Originally designed for the use of the U-Boots during the 2. World War, the G7A torpedo is used by Kartal class fast attack craft. These vessels build in Germany as a modified Zobel class fast attack craft carry two forward facing 533mm torpedo tubes, one on each side armed with one G7A torpedoes.

Click here for a video of the incident.

An Old British Mine, Destroyed On The Shores of Gallipoli, 97 Years After The Battle

When the crew of the fishing boat Rafet Reis 3 cast their nets off the Kabatepe on Gallipoli Peninsula for a good catch of fish, they found something else: a very old and rusty object.

According to the captain of the fishing vessel, they have encountered mines before when hunting in the region. But this time the object did not looked like the other mines they have seen therefore they brought the object to the harbour and notified the Turkish Coast Guard.

After the first inspection by the Coast Guard team, the object was identified as a mine and Turkish Naval Forces, EOD teams were notified. It turned out to be a British made mine from the First World War era. The 97 years old mine was carefully taken of the fishing vessel and loaded on a trailer. The mine was taken to the Suvla beach on the Gallipoli Peninsula where it was destroyed by demolition charges.

Click, to watch a, over 5 minutes long vidoe of the transport and destruction of the old British mine.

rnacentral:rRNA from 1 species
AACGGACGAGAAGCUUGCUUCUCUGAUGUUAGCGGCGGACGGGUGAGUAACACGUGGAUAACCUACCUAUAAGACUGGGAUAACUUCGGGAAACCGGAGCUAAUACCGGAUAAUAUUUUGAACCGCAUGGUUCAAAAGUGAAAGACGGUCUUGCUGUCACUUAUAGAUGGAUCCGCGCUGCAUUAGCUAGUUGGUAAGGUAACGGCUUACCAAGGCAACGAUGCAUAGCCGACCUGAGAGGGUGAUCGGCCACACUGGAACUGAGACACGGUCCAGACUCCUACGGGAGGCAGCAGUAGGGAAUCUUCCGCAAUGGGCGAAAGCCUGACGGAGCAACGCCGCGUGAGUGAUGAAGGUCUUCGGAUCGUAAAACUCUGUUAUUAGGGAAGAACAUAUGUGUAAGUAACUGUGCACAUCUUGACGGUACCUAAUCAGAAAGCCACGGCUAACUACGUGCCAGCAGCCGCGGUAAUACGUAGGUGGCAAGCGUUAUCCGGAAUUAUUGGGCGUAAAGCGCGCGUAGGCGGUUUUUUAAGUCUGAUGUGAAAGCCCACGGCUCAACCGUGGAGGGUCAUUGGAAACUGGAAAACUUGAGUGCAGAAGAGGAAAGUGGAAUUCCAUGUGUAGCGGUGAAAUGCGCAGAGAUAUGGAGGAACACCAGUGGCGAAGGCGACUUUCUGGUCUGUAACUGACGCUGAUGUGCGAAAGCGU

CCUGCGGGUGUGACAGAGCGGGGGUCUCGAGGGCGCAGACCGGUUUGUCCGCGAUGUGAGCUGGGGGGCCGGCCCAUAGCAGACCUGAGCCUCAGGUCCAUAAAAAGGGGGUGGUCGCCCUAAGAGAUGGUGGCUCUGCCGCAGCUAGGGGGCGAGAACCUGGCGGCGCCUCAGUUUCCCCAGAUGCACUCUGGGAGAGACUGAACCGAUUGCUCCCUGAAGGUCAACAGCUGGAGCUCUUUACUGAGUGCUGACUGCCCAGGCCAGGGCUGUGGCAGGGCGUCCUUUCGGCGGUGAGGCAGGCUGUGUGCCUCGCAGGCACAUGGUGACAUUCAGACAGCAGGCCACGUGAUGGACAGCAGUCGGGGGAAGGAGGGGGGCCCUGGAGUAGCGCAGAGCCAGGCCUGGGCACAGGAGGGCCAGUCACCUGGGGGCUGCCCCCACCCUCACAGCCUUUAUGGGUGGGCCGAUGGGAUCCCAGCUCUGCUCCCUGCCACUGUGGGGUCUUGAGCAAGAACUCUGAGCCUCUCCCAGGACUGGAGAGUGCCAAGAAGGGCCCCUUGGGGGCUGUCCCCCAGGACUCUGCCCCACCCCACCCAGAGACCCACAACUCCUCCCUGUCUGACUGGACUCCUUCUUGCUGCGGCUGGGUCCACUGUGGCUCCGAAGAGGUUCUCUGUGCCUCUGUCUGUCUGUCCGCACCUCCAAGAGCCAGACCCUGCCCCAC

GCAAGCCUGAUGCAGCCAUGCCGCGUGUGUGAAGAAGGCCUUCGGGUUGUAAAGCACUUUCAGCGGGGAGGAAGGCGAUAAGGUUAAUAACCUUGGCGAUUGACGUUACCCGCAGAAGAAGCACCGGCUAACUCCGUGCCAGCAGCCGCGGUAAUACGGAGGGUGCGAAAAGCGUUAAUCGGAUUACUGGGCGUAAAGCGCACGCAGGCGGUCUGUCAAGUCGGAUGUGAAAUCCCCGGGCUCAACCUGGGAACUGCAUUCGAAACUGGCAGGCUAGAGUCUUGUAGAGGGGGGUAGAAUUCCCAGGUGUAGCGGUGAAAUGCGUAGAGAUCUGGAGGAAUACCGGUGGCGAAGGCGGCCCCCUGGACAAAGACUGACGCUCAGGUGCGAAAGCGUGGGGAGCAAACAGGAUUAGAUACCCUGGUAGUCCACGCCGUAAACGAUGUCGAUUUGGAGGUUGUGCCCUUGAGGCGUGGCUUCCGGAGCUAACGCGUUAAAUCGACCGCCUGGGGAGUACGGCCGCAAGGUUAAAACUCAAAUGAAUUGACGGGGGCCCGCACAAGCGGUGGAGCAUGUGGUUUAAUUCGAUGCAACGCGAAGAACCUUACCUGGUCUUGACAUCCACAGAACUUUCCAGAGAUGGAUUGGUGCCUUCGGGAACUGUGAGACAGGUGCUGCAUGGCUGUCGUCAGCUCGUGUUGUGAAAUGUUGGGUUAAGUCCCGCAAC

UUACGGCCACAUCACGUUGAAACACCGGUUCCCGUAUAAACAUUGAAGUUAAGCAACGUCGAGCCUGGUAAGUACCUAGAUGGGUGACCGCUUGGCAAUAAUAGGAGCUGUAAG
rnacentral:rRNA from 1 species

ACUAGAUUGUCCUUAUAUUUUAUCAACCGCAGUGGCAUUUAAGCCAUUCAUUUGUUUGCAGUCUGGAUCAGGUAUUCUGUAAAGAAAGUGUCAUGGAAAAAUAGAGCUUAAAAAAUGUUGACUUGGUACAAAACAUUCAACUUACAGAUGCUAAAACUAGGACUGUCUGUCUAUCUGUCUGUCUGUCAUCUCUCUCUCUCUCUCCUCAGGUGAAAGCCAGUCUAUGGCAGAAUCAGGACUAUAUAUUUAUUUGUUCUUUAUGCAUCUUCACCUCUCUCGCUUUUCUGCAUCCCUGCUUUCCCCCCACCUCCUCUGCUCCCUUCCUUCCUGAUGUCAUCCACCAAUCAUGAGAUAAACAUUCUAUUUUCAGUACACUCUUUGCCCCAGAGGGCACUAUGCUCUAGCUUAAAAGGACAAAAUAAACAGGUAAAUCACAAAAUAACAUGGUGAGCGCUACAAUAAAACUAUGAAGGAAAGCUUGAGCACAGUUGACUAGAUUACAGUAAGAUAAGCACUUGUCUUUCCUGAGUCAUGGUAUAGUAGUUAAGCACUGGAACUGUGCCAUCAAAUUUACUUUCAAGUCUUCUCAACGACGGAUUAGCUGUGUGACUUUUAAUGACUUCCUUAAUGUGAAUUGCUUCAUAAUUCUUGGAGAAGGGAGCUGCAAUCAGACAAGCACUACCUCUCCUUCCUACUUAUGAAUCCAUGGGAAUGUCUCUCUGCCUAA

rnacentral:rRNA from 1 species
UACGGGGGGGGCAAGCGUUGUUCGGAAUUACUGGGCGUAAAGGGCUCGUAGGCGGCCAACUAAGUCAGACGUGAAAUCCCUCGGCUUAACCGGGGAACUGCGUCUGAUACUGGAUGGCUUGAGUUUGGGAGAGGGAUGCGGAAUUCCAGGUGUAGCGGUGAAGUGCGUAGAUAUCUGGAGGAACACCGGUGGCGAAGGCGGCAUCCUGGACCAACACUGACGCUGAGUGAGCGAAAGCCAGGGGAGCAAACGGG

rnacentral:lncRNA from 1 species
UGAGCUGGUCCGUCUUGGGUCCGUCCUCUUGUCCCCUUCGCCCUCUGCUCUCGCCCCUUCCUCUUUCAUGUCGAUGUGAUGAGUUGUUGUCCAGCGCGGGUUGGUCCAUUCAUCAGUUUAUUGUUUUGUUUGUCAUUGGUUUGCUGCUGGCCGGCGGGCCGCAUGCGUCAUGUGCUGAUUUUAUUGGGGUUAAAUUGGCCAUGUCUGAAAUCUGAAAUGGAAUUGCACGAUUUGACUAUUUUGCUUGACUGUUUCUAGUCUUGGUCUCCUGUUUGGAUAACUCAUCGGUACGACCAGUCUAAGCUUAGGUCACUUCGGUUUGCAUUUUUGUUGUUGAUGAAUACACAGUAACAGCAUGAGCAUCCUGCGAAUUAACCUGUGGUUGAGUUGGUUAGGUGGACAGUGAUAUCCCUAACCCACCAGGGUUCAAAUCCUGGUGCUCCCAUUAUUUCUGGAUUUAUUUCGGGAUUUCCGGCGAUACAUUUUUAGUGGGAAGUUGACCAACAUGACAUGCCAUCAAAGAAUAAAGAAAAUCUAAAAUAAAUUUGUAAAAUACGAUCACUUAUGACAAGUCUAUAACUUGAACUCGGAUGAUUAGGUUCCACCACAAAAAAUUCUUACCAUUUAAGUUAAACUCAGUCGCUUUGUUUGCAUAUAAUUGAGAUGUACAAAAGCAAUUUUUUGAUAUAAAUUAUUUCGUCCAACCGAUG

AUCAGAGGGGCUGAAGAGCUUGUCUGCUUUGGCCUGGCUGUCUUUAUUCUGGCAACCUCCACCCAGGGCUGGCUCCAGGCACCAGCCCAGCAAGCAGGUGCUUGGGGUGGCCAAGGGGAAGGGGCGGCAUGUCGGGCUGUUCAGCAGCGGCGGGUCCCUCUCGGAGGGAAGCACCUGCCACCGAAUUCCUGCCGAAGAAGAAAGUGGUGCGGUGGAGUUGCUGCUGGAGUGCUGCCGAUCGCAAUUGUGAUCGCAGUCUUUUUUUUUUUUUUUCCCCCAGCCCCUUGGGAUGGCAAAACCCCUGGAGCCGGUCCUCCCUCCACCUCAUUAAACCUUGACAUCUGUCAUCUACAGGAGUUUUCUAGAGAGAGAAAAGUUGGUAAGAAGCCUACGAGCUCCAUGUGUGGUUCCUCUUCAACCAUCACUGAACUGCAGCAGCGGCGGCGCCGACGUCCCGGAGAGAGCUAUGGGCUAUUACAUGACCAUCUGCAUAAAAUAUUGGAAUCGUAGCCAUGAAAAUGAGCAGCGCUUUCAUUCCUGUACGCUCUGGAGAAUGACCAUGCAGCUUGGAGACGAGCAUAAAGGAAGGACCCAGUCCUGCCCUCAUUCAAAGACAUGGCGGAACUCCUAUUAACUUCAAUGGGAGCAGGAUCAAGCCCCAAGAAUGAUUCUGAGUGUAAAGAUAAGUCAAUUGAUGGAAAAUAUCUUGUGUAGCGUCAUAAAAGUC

Click for previous similar incidents.

 

Sea Of Friendship 2011

Turkish and Egyptian navies will take part in exercise called   Bahr El-Muhabbe (Sea of Friendship) between 17 and 23 December 2011. The exercise will be hosted by Turkey and will be executed in Eastern Mediterranean.

According to the press release of Turkish Navy, the aim of the exercise is to develop mutual cooperation and interoperability between two navies.

Turkey will participate with two frigates, two fast attack craft, one tug, two patrol boats and one special forces team. Additionally airplanes from Turkish Navy and Air Force will take part in the exercise too. Egypt will submit two frigates,  two fast attack craft, one replenishment tanker, one helicopter and one special forces team.

The location and the timing of this exercise are well worth of noting. And further more my inner voice tells me that at least one ex- Perry class frigate from both navies will take part in this exercise.  And on board of Turkish G class frigate the Turkish officers will show off their modern CIC and the GENESIS modernization to their Egyptian counterparts.

Nusret 2011 Mine Warfare Exericse

Between 20th and 30th November 2011 The Turkish Navy will host the Nusret 2011 Exercise. This is an annual exercise to hone mine hunting skills of the participants.

This years exercise area is Bay of Saros just west of the Gelibolu peninsula which is a very appropriate place for a mine warfare exercise.